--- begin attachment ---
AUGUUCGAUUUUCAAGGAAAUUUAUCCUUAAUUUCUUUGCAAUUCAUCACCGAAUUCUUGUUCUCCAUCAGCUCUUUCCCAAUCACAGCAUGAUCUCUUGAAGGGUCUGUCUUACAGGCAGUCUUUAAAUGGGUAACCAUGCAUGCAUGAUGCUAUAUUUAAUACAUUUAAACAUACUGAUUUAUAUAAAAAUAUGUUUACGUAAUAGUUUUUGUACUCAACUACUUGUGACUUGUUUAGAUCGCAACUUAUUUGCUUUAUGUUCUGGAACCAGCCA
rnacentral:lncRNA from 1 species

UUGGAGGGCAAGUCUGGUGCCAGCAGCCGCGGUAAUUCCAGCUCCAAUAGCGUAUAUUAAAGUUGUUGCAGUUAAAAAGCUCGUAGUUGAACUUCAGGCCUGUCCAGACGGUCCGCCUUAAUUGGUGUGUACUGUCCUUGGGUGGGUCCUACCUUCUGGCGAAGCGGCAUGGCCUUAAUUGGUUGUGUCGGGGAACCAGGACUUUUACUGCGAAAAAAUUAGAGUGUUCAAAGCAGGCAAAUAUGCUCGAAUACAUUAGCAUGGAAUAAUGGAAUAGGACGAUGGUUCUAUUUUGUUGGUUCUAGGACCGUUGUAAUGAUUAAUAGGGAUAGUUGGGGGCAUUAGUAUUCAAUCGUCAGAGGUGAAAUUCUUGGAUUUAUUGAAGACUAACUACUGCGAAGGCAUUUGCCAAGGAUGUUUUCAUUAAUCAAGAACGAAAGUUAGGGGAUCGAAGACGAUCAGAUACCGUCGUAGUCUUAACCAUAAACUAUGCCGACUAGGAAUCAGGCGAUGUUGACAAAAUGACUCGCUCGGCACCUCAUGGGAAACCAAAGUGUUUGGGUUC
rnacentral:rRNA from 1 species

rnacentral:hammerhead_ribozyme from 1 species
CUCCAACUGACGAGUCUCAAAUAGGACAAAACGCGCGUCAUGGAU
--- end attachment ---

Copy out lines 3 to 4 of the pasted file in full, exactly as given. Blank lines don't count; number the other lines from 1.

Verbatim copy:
UUGGAGGGCAAGUCUGGUGCCAGCAGCCGCGGUAAUUCCAGCUCCAAUAGCGUAUAUUAAAGUUGUUGCAGUUAAAAAGCUCGUAGUUGAACUUCAGGCCUGUCCAGACGGUCCGCCUUAAUUGGUGUGUACUGUCCUUGGGUGGGUCCUACCUUCUGGCGAAGCGGCAUGGCCUUAAUUGGUUGUGUCGGGGAACCAGGACUUUUACUGCGAAAAAAUUAGAGUGUUCAAAGCAGGCAAAUAUGCUCGAAUACAUUAGCAUGGAAUAAUGGAAUAGGACGAUGGUUCUAUUUUGUUGGUUCUAGGACCGUUGUAAUGAUUAAUAGGGAUAGUUGGGGGCAUUAGUAUUCAAUCGUCAGAGGUGAAAUUCUUGGAUUUAUUGAAGACUAACUACUGCGAAGGCAUUUGCCAAGGAUGUUUUCAUUAAUCAAGAACGAAAGUUAGGGGAUCGAAGACGAUCAGAUACCGUCGUAGUCUUAACCAUAAACUAUGCCGACUAGGAAUCAGGCGAUGUUGACAAAAUGACUCGCUCGGCACCUCAUGGGAAACCAAAGUGUUUGGGUUC
rnacentral:rRNA from 1 species